I have the railing from the stairs glued in here now, with baseboards. By the time I put in the railing, I’d lost the last square post top, and had to cut a new one. 3/8 x 3/8 square x 1/8 thick.

The paper patterns are also handy for cutting the cornice pieces. I can mark the angle (which is 60 degrees).

I have more to do–finish all the baseboards and cornices and trim the raw edges around the house openings.

 

After that I’ll do some landscaping. I’ll put a walkway to the front door plus grass, bushes, vines if I can, and so forth. I have flower boxes for the windows (as you can see).

More to come!

Wine Cellar vignette

Continuing with smaller projects, I put together this wine cellar in a wine box kit. I bought the kit at the Chicago show last April–I had said to my husband: “I’m not buying any more kits!” Husband: “Oo, look at that one!” and points to the wine box. Sigh. I purchased. (It’s by Jill Castoral: https://jillcastoral.com/miniatures/. She has a lot of cute kits–check them out.)

 

The kit came with everything pictured: The box (a gift box for a bottle of full-size wine), the wood to make the cabinet and wine rack and crate, wine bottles, the wine barrel, etc.

It was easy as well–simple pieces to put together, but the result looks intricate. Lots of staining and aging in this one! Most of the time for this kit came from waiting for things to dry. But worth it.

Putting together small projects that took a few days to a week was relaxing and a good stress break.

I have now gone back to the interior of the Westville, and also started the Pickett Pond, a Robin Betterley kit I’ve had laying around for a while. Photos of that one as I go.

Small projects: Redone scene and tiny kits

I’ve discovered that when I’m writing a long novel, which is months of work, I prefer doing short mini projects. This gives me a sense of accomplishment on the days when I’m wailing: “I’m never gonna get this book done!” (I do this on every single book; just ask my husband.)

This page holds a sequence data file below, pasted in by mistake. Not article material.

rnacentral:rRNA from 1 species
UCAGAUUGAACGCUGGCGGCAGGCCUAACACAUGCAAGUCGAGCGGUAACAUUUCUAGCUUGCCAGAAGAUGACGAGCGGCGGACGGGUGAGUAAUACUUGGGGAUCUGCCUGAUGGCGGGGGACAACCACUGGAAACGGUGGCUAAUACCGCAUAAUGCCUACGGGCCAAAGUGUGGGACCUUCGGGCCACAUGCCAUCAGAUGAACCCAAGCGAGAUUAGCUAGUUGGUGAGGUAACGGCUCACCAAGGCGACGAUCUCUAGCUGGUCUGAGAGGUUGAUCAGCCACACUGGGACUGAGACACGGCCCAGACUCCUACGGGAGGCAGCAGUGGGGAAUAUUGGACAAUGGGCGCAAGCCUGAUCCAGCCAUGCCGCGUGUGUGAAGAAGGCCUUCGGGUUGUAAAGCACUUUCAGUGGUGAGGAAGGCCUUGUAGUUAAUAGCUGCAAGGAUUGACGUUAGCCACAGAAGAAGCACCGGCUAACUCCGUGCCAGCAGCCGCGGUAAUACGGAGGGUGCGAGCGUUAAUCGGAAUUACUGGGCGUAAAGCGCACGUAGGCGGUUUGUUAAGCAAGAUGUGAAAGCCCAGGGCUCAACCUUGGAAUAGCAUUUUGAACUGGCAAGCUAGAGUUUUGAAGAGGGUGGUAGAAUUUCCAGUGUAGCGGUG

First short project: I was cleaning out my closet, trying to organize the mass of junk that gets thrown in there, and I came across pieces of an old scene I’d done years ago, a turnaround vignette showing inside and outside a front door (1-inch scale). Its first manifestation was a Christmas scene–Christmas tree and gifts on one side, and presents left outside the front door on the other.

I gradually took that apart, moving the Christmas items to other scenes, and I had planned to do a grungy scene–peeling wallpaper, boarded up window.

But when I took out the wall looked at it, inspiration struck.

I covered the old wallpaper with scraps of leftover paper, and repainted the door and window (celery green, if you’re interested). I gathered some pieces that didn’t have a home, and voila, instant scene.

On the “front” side, I refreshed the grass (by brushing it clean, getting all the dust out of it), and covered some gaps in the bricks with “rose” material I had leftover from another project. A few extra plants and I was done.  (I’m proud of the bricks–I made them out of Fimo, cut into individual bricks, baked, and glued on. I must not have had anything else to do that year.)

It’s very simple, but I’m pleased with how it turned out.

I pulled out some other inexpensive little kits from my stash and have been happily putting those together. Next post will be about those.